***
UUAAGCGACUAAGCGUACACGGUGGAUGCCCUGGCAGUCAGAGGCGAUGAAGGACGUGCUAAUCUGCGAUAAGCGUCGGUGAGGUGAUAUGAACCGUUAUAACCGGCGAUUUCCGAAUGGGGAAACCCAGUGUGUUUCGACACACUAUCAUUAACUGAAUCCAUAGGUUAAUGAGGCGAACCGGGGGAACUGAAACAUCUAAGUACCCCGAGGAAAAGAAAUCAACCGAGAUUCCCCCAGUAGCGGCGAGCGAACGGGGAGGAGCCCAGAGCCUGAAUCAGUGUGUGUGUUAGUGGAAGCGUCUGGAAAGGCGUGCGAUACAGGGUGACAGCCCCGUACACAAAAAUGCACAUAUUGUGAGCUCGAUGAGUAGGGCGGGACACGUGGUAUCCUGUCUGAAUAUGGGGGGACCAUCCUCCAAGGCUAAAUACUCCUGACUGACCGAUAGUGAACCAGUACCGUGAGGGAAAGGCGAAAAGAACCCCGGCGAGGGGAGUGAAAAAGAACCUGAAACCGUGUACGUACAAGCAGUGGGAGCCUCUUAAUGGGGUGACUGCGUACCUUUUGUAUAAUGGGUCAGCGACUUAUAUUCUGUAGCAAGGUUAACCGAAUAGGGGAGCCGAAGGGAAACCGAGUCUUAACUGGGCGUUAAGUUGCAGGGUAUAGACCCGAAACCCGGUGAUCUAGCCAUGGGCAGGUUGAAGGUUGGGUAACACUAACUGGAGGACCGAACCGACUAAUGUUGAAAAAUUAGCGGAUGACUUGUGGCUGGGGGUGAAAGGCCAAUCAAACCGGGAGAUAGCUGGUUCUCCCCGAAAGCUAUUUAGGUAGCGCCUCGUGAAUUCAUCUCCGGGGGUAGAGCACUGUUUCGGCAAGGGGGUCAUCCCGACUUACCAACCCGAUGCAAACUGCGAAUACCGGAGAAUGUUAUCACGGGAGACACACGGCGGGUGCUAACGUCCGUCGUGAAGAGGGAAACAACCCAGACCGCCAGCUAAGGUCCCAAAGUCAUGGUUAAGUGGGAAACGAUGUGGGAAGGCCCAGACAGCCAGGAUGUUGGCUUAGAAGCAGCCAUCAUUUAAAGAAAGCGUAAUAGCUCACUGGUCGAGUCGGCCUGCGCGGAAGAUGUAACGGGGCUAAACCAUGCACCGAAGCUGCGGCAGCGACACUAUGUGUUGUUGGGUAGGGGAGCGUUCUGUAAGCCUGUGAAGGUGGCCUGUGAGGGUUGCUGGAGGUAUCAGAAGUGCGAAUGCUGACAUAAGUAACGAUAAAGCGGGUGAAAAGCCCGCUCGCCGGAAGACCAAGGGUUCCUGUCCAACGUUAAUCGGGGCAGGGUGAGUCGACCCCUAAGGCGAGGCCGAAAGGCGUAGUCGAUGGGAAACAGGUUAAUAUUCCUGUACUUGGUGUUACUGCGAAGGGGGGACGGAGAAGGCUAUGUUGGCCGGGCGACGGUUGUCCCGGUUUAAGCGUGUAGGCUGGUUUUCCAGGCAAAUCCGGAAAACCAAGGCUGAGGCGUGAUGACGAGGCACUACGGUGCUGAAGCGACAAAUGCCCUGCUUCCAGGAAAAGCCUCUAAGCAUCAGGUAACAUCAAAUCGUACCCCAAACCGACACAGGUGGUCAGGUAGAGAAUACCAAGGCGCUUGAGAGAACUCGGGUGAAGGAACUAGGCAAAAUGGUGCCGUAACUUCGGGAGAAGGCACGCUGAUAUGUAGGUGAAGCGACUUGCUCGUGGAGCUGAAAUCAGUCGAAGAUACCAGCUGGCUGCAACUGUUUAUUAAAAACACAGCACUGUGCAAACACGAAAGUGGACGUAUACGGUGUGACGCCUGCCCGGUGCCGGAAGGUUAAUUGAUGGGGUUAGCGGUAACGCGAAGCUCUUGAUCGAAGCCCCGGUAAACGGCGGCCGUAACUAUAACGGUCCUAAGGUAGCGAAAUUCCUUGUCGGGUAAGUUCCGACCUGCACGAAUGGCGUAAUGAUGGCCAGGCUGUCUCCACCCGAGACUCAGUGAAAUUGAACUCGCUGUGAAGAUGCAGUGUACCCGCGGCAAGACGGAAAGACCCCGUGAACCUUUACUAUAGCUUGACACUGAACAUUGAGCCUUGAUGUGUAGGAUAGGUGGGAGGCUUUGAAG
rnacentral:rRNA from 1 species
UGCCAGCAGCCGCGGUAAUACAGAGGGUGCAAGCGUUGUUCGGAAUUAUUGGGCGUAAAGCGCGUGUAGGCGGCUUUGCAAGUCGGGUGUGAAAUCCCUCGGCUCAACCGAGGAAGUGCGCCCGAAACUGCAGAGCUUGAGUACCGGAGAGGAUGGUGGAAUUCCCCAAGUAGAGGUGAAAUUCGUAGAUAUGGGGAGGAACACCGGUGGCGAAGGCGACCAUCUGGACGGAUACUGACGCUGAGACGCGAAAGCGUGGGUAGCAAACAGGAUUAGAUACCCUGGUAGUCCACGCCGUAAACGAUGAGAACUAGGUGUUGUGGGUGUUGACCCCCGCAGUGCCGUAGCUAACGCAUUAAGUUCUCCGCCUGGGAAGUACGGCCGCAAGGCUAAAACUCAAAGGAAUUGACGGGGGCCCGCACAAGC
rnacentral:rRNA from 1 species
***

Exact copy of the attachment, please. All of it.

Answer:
UUAAGCGACUAAGCGUACACGGUGGAUGCCCUGGCAGUCAGAGGCGAUGAAGGACGUGCUAAUCUGCGAUAAGCGUCGGUGAGGUGAUAUGAACCGUUAUAACCGGCGAUUUCCGAAUGGGGAAACCCAGUGUGUUUCGACACACUAUCAUUAACUGAAUCCAUAGGUUAAUGAGGCGAACCGGGGGAACUGAAACAUCUAAGUACCCCGAGGAAAAGAAAUCAACCGAGAUUCCCCCAGUAGCGGCGAGCGAACGGGGAGGAGCCCAGAGCCUGAAUCAGUGUGUGUGUUAGUGGAAGCGUCUGGAAAGGCGUGCGAUACAGGGUGACAGCCCCGUACACAAAAAUGCACAUAUUGUGAGCUCGAUGAGUAGGGCGGGACACGUGGUAUCCUGUCUGAAUAUGGGGGGACCAUCCUCCAAGGCUAAAUACUCCUGACUGACCGAUAGUGAACCAGUACCGUGAGGGAAAGGCGAAAAGAACCCCGGCGAGGGGAGUGAAAAAGAACCUGAAACCGUGUACGUACAAGCAGUGGGAGCCUCUUAAUGGGGUGACUGCGUACCUUUUGUAUAAUGGGUCAGCGACUUAUAUUCUGUAGCAAGGUUAACCGAAUAGGGGAGCCGAAGGGAAACCGAGUCUUAACUGGGCGUUAAGUUGCAGGGUAUAGACCCGAAACCCGGUGAUCUAGCCAUGGGCAGGUUGAAGGUUGGGUAACACUAACUGGAGGACCGAACCGACUAAUGUUGAAAAAUUAGCGGAUGACUUGUGGCUGGGGGUGAAAGGCCAAUCAAACCGGGAGAUAGCUGGUUCUCCCCGAAAGCUAUUUAGGUAGCGCCUCGUGAAUUCAUCUCCGGGGGUAGAGCACUGUUUCGGCAAGGGGGUCAUCCCGACUUACCAACCCGAUGCAAACUGCGAAUACCGGAGAAUGUUAUCACGGGAGACACACGGCGGGUGCUAACGUCCGUCGUGAAGAGGGAAACAACCCAGACCGCCAGCUAAGGUCCCAAAGUCAUGGUUAAGUGGGAAACGAUGUGGGAAGGCCCAGACAGCCAGGAUGUUGGCUUAGAAGCAGCCAUCAUUUAAAGAAAGCGUAAUAGCUCACUGGUCGAGUCGGCCUGCGCGGAAGAUGUAACGGGGCUAAACCAUGCACCGAAGCUGCGGCAGCGACACUAUGUGUUGUUGGGUAGGGGAGCGUUCUGUAAGCCUGUGAAGGUGGCCUGUGAGGGUUGCUGGAGGUAUCAGAAGUGCGAAUGCUGACAUAAGUAACGAUAAAGCGGGUGAAAAGCCCGCUCGCCGGAAGACCAAGGGUUCCUGUCCAACGUUAAUCGGGGCAGGGUGAGUCGACCCCUAAGGCGAGGCCGAAAGGCGUAGUCGAUGGGAAACAGGUUAAUAUUCCUGUACUUGGUGUUACUGCGAAGGGGGGACGGAGAAGGCUAUGUUGGCCGGGCGACGGUUGUCCCGGUUUAAGCGUGUAGGCUGGUUUUCCAGGCAAAUCCGGAAAACCAAGGCUGAGGCGUGAUGACGAGGCACUACGGUGCUGAAGCGACAAAUGCCCUGCUUCCAGGAAAAGCCUCUAAGCAUCAGGUAACAUCAAAUCGUACCCCAAACCGACACAGGUGGUCAGGUAGAGAAUACCAAGGCGCUUGAGAGAACUCGGGUGAAGGAACUAGGCAAAAUGGUGCCGUAACUUCGGGAGAAGGCACGCUGAUAUGUAGGUGAAGCGACUUGCUCGUGGAGCUGAAAUCAGUCGAAGAUACCAGCUGGCUGCAACUGUUUAUUAAAAACACAGCACUGUGCAAACACGAAAGUGGACGUAUACGGUGUGACGCCUGCCCGGUGCCGGAAGGUUAAUUGAUGGGGUUAGCGGUAACGCGAAGCUCUUGAUCGAAGCCCCGGUAAACGGCGGCCGUAACUAUAACGGUCCUAAGGUAGCGAAAUUCCUUGUCGGGUAAGUUCCGACCUGCACGAAUGGCGUAAUGAUGGCCAGGCUGUCUCCACCCGAGACUCAGUGAAAUUGAACUCGCUGUGAAGAUGCAGUGUACCCGCGGCAAGACGGAAAGACCCCGUGAACCUUUACUAUAGCUUGACACUGAACAUUGAGCCUUGAUGUGUAGGAUAGGUGGGAGGCUUUGAAG
rnacentral:rRNA from 1 species
UGCCAGCAGCCGCGGUAAUACAGAGGGUGCAAGCGUUGUUCGGAAUUAUUGGGCGUAAAGCGCGUGUAGGCGGCUUUGCAAGUCGGGUGUGAAAUCCCUCGGCUCAACCGAGGAAGUGCGCCCGAAACUGCAGAGCUUGAGUACCGGAGAGGAUGGUGGAAUUCCCCAAGUAGAGGUGAAAUUCGUAGAUAUGGGGAGGAACACCGGUGGCGAAGGCGACCAUCUGGACGGAUACUGACGCUGAGACGCGAAAGCGUGGGUAGCAAACAGGAUUAGAUACCCUGGUAGUCCACGCCGUAAACGAUGAGAACUAGGUGUUGUGGGUGUUGACCCCCGCAGUGCCGUAGCUAACGCAUUAAGUUCUCCGCCUGGGAAGUACGGCCGCAAGGCUAAAACUCAAAGGAAUUGACGGGGGCCCGCACAAGC
rnacentral:rRNA from 1 species